Great Courses: War And World History: Part II, taught by Professor Jonathan P. Roth
Admittedly, and pleasingly, I found the author’s war and society much less irritating than I did at first. When one is listening to lectures about ancient history where the author has a bogus evolutionary perspective and no particular regard for biblical history, it can get pretty tedious and tiresome very quickly. Thankfully, this particular part of the lecture focused on an area where the author’s broad cultural view and interest in the legitimacy of military history in often ignored regions (like Subsaharan Africa, Oceania, and the Americas in the pre-Conquest period) makes this a far more enjoyable set of lectures to listen to and gives me hope that the remaining twelve hours of lectures will be equally worthwhile. Here’s hoping, at least, as the author does show himself to be knowledgeable about a wide range of cultures and also shows himself helping the listener to realize that much remains to be studied and written about world military history and that there are some major gaps that deserve thoughtful research, all of which is heartening to someone who is and who knows a great many military historians looking for worthwhile material to write about and research.
The twelve lectures included in this part of the overall course deal with the period between the third century BC and the fifteenth century AD, a particularly exciting area for world history. The author begins with a discussion of the armed peace that resulted from the rise of the Roman, Han, Parthian, and Mauryan Empires that lasted more or less for several centuries under these large and powerful states (13), moving on to the influence of monotheism on military strength (14), and looking at the linkages of the core during a time of barbarian conquest in which these core empires fell (15, 16). The author then moves to discuss the common way of war focused on elite horsemen during the Middle Ages around the core (17) as well as the period of global feudalization that resulted from the rise of the armed horsemen (18). The author discusses the similarities between the Crusade, jihad, and Dharma Yuddha as religiously infused ways of war (19) as well as the conquest of much of the core by the Mongols (20). After this the author looks at the business of war in medieval Europe (21) as an explanation for the rise of the gunpowder revolution in that hitherto marginal part of the core (22) before spending the last two lectures of this part of the series examining warfare in the margins of Subsaharan Africa, Oceania, and the polar north of Europe and Asia (23) as well as North and South America (24).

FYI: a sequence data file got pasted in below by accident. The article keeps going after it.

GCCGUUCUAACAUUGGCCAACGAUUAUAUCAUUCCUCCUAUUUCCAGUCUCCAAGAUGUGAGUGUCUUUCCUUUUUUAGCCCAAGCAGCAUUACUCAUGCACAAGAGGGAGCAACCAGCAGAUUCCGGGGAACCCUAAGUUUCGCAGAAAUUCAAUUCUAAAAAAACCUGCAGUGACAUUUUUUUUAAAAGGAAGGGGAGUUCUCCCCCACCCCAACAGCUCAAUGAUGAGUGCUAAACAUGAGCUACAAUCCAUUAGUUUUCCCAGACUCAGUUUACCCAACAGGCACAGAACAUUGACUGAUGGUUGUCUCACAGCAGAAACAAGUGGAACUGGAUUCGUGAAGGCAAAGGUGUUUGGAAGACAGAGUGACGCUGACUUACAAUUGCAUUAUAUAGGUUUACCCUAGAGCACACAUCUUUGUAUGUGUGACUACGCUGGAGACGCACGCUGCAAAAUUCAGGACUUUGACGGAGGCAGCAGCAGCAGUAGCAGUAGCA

There were at least a few elements that made this part of the lecture series particularly enjoyable for me. For one, the author examined several aspects of history that are somewhat obscure and that I have a large degree of interest in, including the medieval warfare of the Middle East and East Asia, the military history of North America in the period before 1500, and in the spread of military culture from one state to another, all of which the author discusses. The author’s obvious interest in broad cultural connections allows him to draw appropriate comparisons between cultural traditions that are often viewed in isolation, such as the tie between Japanese and European noblemen in the Middle Ages and the delays and order of adoption of gunpowder and armed horsemen and even manages to write about a subject I would like to know about in the bow revolution in North America, a vastly neglected aspect of the spread of military culture/technology that possibly has serious results with regards to the fate of various prehistoric North American political entities. All of this makes for an enjoyable listen.